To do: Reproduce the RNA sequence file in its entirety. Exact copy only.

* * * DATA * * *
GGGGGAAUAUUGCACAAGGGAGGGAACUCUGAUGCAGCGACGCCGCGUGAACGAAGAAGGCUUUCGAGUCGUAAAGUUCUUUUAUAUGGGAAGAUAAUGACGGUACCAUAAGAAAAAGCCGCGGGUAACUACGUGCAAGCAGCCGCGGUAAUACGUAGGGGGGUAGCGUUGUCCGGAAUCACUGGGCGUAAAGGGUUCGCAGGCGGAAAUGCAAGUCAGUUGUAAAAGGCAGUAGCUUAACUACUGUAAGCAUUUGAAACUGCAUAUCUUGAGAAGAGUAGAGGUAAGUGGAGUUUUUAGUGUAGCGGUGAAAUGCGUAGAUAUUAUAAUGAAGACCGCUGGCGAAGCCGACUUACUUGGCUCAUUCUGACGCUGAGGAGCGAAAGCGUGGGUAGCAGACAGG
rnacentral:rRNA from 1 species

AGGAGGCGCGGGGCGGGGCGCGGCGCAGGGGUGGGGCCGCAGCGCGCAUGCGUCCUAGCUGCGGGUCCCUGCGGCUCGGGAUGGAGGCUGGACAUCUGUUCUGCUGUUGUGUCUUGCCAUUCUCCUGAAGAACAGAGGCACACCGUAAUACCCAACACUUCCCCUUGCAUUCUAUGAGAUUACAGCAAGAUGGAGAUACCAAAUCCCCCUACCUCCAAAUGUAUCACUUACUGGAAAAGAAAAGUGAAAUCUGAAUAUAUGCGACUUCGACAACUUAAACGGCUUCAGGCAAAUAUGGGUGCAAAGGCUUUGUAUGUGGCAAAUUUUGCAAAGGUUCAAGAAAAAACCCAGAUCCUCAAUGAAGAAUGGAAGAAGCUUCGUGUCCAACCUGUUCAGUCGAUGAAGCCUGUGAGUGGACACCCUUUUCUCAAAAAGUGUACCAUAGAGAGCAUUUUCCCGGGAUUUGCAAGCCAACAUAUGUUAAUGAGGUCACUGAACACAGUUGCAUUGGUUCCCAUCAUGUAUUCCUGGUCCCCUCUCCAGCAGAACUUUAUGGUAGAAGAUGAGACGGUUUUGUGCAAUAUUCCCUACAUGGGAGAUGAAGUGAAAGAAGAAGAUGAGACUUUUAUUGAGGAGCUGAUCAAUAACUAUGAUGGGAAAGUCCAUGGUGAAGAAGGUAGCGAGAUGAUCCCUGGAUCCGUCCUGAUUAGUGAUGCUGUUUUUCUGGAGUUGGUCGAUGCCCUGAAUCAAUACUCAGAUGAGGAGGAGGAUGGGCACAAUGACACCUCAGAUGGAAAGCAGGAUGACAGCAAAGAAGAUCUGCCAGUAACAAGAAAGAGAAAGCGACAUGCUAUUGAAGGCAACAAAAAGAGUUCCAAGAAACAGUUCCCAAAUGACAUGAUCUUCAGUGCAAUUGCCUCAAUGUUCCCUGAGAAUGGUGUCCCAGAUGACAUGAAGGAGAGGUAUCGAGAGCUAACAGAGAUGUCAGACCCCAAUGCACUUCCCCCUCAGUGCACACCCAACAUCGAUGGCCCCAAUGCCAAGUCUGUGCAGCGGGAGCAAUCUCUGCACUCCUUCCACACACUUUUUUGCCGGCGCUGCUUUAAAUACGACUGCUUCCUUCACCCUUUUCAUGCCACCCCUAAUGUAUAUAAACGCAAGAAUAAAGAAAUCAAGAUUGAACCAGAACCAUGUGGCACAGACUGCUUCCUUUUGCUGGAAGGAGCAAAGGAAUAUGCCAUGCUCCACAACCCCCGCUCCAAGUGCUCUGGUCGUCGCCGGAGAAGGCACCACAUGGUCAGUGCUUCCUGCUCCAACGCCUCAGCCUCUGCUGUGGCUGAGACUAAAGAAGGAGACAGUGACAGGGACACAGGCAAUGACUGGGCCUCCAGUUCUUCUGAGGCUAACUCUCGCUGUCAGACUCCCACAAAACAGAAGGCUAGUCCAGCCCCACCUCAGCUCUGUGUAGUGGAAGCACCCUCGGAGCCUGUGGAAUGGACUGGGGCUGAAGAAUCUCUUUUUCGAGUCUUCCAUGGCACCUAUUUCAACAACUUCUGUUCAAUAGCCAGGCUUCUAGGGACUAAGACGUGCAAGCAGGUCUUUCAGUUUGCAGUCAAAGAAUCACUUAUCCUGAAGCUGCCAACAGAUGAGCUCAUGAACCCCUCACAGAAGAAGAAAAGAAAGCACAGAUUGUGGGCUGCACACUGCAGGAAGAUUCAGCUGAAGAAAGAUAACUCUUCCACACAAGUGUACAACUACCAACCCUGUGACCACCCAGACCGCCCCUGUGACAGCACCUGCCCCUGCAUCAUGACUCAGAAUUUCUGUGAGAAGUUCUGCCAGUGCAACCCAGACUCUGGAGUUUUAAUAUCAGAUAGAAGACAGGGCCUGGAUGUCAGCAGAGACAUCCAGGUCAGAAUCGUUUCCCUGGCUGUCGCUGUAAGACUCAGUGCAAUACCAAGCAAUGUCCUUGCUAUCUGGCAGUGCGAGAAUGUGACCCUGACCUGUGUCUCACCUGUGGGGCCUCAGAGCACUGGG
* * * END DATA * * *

GGGGGAAUAUUGCACAAGGGAGGGAACUCUGAUGCAGCGACGCCGCGUGAACGAAGAAGGCUUUCGAGUCGUAAAGUUCUUUUAUAUGGGAAGAUAAUGACGGUACCAUAAGAAAAAGCCGCGGGUAACUACGUGCAAGCAGCCGCGGUAAUACGUAGGGGGGUAGCGUUGUCCGGAAUCACUGGGCGUAAAGGGUUCGCAGGCGGAAAUGCAAGUCAGUUGUAAAAGGCAGUAGCUUAACUACUGUAAGCAUUUGAAACUGCAUAUCUUGAGAAGAGUAGAGGUAAGUGGAGUUUUUAGUGUAGCGGUGAAAUGCGUAGAUAUUAUAAUGAAGACCGCUGGCGAAGCCGACUUACUUGGCUCAUUCUGACGCUGAGGAGCGAAAGCGUGGGUAGCAGACAGG
rnacentral:rRNA from 1 species

AGGAGGCGCGGGGCGGGGCGCGGCGCAGGGGUGGGGCCGCAGCGCGCAUGCGUCCUAGCUGCGGGUCCCUGCGGCUCGGGAUGGAGGCUGGACAUCUGUUCUGCUGUUGUGUCUUGCCAUUCUCCUGAAGAACAGAGGCACACCGUAAUACCCAACACUUCCCCUUGCAUUCUAUGAGAUUACAGCAAGAUGGAGAUACCAAAUCCCCCUACCUCCAAAUGUAUCACUUACUGGAAAAGAAAAGUGAAAUCUGAAUAUAUGCGACUUCGACAACUUAAACGGCUUCAGGCAAAUAUGGGUGCAAAGGCUUUGUAUGUGGCAAAUUUUGCAAAGGUUCAAGAAAAAACCCAGAUCCUCAAUGAAGAAUGGAAGAAGCUUCGUGUCCAACCUGUUCAGUCGAUGAAGCCUGUGAGUGGACACCCUUUUCUCAAAAAGUGUACCAUAGAGAGCAUUUUCCCGGGAUUUGCAAGCCAACAUAUGUUAAUGAGGUCACUGAACACAGUUGCAUUGGUUCCCAUCAUGUAUUCCUGGUCCCCUCUCCAGCAGAACUUUAUGGUAGAAGAUGAGACGGUUUUGUGCAAUAUUCCCUACAUGGGAGAUGAAGUGAAAGAAGAAGAUGAGACUUUUAUUGAGGAGCUGAUCAAUAACUAUGAUGGGAAAGUCCAUGGUGAAGAAGGUAGCGAGAUGAUCCCUGGAUCCGUCCUGAUUAGUGAUGCUGUUUUUCUGGAGUUGGUCGAUGCCCUGAAUCAAUACUCAGAUGAGGAGGAGGAUGGGCACAAUGACACCUCAGAUGGAAAGCAGGAUGACAGCAAAGAAGAUCUGCCAGUAACAAGAAAGAGAAAGCGACAUGCUAUUGAAGGCAACAAAAAGAGUUCCAAGAAACAGUUCCCAAAUGACAUGAUCUUCAGUGCAAUUGCCUCAAUGUUCCCUGAGAAUGGUGUCCCAGAUGACAUGAAGGAGAGGUAUCGAGAGCUAACAGAGAUGUCAGACCCCAAUGCACUUCCCCCUCAGUGCACACCCAACAUCGAUGGCCCCAAUGCCAAGUCUGUGCAGCGGGAGCAAUCUCUGCACUCCUUCCACACACUUUUUUGCCGGCGCUGCUUUAAAUACGACUGCUUCCUUCACCCUUUUCAUGCCACCCCUAAUGUAUAUAAACGCAAGAAUAAAGAAAUCAAGAUUGAACCAGAACCAUGUGGCACAGACUGCUUCCUUUUGCUGGAAGGAGCAAAGGAAUAUGCCAUGCUCCACAACCCCCGCUCCAAGUGCUCUGGUCGUCGCCGGAGAAGGCACCACAUGGUCAGUGCUUCCUGCUCCAACGCCUCAGCCUCUGCUGUGGCUGAGACUAAAGAAGGAGACAGUGACAGGGACACAGGCAAUGACUGGGCCUCCAGUUCUUCUGAGGCUAACUCUCGCUGUCAGACUCCCACAAAACAGAAGGCUAGUCCAGCCCCACCUCAGCUCUGUGUAGUGGAAGCACCCUCGGAGCCUGUGGAAUGGACUGGGGCUGAAGAAUCUCUUUUUCGAGUCUUCCAUGGCACCUAUUUCAACAACUUCUGUUCAAUAGCCAGGCUUCUAGGGACUAAGACGUGCAAGCAGGUCUUUCAGUUUGCAGUCAAAGAAUCACUUAUCCUGAAGCUGCCAACAGAUGAGCUCAUGAACCCCUCACAGAAGAAGAAAAGAAAGCACAGAUUGUGGGCUGCACACUGCAGGAAGAUUCAGCUGAAGAAAGAUAACUCUUCCACACAAGUGUACAACUACCAACCCUGUGACCACCCAGACCGCCCCUGUGACAGCACCUGCCCCUGCAUCAUGACUCAGAAUUUCUGUGAGAAGUUCUGCCAGUGCAACCCAGACUCUGGAGUUUUAAUAUCAGAUAGAAGACAGGGCCUGGAUGUCAGCAGAGACAUCCAGGUCAGAAUCGUUUCCCUGGCUGUCGCUGUAAGACUCAGUGCAAUACCAAGCAAUGUCCUUGCUAUCUGGCAGUGCGAGAAUGUGACCCUGACCUGUGUCUCACCUGUGGGGCCUCAGAGCACUGGG